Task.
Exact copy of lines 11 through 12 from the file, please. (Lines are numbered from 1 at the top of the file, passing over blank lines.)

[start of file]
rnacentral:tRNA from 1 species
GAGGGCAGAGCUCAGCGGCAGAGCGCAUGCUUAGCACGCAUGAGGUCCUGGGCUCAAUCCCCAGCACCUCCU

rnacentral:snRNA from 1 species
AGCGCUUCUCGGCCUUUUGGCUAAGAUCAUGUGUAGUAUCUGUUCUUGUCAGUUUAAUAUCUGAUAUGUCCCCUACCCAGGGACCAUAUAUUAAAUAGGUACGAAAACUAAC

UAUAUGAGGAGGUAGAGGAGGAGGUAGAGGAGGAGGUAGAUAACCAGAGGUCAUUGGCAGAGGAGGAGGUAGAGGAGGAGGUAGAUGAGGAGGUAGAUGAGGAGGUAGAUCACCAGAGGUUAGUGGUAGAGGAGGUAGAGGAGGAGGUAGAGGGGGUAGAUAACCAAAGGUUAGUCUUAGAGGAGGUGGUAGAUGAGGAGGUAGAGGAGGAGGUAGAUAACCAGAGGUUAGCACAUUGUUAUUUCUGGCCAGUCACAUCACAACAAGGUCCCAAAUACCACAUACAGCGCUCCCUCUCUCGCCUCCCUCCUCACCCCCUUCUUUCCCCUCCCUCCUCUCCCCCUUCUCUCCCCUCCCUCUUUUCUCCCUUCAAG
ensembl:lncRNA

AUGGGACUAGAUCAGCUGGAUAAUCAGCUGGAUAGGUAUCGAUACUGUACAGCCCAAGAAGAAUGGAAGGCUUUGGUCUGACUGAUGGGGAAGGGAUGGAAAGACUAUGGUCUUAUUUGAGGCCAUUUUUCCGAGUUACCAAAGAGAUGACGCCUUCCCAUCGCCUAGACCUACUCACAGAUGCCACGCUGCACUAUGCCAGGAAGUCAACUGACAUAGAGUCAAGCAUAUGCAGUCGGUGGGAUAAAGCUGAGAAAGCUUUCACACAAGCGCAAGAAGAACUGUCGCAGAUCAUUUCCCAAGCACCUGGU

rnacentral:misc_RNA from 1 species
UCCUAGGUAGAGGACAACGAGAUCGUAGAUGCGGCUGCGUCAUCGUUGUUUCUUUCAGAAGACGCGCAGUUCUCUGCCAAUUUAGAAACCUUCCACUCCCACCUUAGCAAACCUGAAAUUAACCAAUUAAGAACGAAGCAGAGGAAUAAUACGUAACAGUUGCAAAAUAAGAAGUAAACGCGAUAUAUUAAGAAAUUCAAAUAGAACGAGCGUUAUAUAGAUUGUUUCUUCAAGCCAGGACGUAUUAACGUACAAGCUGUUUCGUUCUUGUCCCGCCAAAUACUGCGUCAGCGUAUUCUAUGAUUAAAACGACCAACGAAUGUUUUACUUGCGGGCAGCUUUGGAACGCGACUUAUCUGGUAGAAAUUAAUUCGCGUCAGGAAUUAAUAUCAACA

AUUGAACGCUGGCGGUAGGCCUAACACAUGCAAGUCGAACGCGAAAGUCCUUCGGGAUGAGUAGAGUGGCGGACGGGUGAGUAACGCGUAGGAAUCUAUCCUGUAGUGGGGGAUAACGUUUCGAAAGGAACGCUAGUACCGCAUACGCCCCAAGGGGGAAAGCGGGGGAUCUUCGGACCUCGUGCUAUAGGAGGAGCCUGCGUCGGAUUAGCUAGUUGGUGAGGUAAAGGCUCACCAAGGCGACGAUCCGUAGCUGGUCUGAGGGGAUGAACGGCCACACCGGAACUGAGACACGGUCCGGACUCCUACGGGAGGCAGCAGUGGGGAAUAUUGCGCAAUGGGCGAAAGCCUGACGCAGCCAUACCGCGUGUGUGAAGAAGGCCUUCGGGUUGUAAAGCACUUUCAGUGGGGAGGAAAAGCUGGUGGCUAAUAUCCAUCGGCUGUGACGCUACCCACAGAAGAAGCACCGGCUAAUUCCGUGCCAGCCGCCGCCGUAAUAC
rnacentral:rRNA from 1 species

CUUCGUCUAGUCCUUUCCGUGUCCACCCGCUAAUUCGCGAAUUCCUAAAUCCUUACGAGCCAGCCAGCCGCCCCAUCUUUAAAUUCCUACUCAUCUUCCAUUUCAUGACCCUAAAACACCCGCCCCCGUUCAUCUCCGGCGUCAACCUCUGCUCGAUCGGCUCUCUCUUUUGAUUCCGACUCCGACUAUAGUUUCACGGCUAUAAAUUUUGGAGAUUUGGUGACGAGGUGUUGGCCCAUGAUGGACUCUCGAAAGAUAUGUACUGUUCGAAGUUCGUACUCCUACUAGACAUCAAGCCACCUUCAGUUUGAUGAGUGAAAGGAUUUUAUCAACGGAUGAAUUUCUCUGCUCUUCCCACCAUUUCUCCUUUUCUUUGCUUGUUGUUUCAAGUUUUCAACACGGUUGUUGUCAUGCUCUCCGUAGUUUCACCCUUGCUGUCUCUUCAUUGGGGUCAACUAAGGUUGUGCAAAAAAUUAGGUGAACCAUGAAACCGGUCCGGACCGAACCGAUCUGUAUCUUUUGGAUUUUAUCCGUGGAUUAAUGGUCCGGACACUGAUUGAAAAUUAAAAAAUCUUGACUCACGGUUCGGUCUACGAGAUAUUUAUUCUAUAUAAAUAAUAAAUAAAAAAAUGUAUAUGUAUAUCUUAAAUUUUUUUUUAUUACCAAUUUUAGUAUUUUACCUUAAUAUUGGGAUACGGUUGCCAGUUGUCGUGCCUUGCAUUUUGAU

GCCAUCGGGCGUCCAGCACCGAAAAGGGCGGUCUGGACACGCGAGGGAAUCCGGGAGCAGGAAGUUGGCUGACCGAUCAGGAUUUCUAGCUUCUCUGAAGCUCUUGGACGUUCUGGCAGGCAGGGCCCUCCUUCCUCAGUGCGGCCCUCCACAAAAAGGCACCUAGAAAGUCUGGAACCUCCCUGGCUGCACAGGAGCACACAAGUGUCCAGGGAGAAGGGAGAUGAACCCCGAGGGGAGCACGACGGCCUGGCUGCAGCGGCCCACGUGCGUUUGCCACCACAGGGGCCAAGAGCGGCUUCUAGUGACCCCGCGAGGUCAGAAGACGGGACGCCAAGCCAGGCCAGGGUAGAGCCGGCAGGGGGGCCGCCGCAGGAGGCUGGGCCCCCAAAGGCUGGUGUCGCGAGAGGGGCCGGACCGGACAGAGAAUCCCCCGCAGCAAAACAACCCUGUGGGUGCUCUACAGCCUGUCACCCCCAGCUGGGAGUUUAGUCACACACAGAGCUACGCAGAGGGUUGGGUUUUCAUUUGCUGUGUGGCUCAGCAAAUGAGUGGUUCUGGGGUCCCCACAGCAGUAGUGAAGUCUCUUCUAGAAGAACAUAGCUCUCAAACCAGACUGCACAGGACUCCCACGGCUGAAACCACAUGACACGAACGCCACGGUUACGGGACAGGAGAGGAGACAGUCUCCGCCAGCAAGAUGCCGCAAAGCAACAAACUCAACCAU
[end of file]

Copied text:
rnacentral:rRNA from 1 species

CUUCGUCUAGUCCUUUCCGUGUCCACCCGCUAAUUCGCGAAUUCCUAAAUCCUUACGAGCCAGCCAGCCGCCCCAUCUUUAAAUUCCUACUCAUCUUCCAUUUCAUGACCCUAAAACACCCGCCCCCGUUCAUCUCCGGCGUCAACCUCUGCUCGAUCGGCUCUCUCUUUUGAUUCCGACUCCGACUAUAGUUUCACGGCUAUAAAUUUUGGAGAUUUGGUGACGAGGUGUUGGCCCAUGAUGGACUCUCGAAAGAUAUGUACUGUUCGAAGUUCGUACUCCUACUAGACAUCAAGCCACCUUCAGUUUGAUGAGUGAAAGGAUUUUAUCAACGGAUGAAUUUCUCUGCUCUUCCCACCAUUUCUCCUUUUCUUUGCUUGUUGUUUCAAGUUUUCAACACGGUUGUUGUCAUGCUCUCCGUAGUUUCACCCUUGCUGUCUCUUCAUUGGGGUCAACUAAGGUUGUGCAAAAAAUUAGGUGAACCAUGAAACCGGUCCGGACCGAACCGAUCUGUAUCUUUUGGAUUUUAUCCGUGGAUUAAUGGUCCGGACACUGAUUGAAAAUUAAAAAAUCUUGACUCACGGUUCGGUCUACGAGAUAUUUAUUCUAUAUAAAUAAUAAAUAAAAAAAUGUAUAUGUAUAUCUUAAAUUUUUUUUUAUUACCAAUUUUAGUAUUUUACCUUAAUAUUGGGAUACGGUUGCCAGUUGUCGUGCCUUGCAUUUUGAU